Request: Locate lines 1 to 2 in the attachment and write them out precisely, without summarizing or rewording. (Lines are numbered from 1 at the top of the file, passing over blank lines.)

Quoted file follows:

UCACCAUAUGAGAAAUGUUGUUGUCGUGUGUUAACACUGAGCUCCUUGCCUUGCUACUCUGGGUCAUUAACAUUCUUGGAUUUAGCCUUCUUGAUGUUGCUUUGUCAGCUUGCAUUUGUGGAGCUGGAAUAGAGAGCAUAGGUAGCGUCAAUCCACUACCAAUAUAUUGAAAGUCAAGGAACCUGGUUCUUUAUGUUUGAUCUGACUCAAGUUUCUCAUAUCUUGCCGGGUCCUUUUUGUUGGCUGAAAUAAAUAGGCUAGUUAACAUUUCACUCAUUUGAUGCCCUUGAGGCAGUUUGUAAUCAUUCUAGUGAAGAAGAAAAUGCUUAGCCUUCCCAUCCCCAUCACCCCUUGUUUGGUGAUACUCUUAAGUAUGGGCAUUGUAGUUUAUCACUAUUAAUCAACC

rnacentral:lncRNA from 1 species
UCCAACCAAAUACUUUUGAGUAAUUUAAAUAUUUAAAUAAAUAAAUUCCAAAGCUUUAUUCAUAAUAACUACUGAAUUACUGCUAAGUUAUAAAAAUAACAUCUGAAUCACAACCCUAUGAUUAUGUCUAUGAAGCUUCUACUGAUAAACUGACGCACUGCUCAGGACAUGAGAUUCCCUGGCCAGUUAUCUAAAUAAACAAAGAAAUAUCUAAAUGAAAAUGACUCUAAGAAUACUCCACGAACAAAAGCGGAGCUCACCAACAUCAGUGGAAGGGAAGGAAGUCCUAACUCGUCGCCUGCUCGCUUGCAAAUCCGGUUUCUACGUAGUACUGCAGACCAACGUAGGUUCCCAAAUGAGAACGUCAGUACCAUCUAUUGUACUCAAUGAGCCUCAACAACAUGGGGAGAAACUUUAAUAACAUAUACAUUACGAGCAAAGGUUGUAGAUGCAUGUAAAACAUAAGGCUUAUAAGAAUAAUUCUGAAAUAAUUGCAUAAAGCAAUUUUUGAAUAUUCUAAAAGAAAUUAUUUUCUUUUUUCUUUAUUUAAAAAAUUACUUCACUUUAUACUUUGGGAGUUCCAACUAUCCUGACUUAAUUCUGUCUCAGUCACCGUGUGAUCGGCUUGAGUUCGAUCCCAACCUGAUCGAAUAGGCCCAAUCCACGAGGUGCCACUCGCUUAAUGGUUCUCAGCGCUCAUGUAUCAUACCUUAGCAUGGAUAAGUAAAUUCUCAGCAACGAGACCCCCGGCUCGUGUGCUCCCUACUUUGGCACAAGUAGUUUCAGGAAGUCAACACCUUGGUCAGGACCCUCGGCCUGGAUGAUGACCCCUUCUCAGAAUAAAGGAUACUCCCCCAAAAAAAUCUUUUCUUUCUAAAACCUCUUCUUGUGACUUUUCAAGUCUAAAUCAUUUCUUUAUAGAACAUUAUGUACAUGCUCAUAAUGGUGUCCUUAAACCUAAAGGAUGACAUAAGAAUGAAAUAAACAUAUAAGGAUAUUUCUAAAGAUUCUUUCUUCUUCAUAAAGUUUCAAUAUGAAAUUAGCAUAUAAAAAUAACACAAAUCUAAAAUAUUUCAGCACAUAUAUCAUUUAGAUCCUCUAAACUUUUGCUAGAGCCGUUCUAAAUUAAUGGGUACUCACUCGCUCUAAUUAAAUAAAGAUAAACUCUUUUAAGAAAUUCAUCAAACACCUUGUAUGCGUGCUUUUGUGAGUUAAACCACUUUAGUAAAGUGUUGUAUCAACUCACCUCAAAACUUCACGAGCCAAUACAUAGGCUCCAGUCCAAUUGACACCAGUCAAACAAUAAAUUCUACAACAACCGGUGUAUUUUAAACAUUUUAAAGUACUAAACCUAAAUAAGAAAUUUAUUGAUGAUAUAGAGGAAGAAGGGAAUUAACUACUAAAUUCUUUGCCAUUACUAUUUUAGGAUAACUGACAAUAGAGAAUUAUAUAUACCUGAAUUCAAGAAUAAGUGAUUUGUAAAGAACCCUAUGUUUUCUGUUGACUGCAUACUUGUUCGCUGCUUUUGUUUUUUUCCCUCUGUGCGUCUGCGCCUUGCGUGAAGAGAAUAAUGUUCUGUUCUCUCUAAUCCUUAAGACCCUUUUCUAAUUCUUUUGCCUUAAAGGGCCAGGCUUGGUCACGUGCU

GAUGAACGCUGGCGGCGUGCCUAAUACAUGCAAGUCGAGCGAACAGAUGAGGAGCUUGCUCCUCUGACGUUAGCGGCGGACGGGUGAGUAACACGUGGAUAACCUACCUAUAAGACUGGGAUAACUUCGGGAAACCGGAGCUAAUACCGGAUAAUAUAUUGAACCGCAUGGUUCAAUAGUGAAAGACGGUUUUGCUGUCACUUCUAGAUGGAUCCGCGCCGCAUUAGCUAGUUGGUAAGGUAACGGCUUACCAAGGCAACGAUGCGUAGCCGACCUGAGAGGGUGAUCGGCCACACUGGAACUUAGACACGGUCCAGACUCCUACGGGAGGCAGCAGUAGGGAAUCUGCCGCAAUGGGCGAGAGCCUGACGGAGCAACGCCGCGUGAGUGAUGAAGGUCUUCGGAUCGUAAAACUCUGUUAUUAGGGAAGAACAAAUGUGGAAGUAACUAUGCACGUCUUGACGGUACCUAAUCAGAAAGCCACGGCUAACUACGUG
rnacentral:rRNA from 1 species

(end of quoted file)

UCACCAUAUGAGAAAUGUUGUUGUCGUGUGUUAACACUGAGCUCCUUGCCUUGCUACUCUGGGUCAUUAACAUUCUUGGAUUUAGCCUUCUUGAUGUUGCUUUGUCAGCUUGCAUUUGUGGAGCUGGAAUAGAGAGCAUAGGUAGCGUCAAUCCACUACCAAUAUAUUGAAAGUCAAGGAACCUGGUUCUUUAUGUUUGAUCUGACUCAAGUUUCUCAUAUCUUGCCGGGUCCUUUUUGUUGGCUGAAAUAAAUAGGCUAGUUAACAUUUCACUCAUUUGAUGCCCUUGAGGCAGUUUGUAAUCAUUCUAGUGAAGAAGAAAAUGCUUAGCCUUCCCAUCCCCAUCACCCCUUGUUUGGUGAUACUCUUAAGUAUGGGCAUUGUAGUUUAUCACUAUUAAUCAACC

rnacentral:lncRNA from 1 species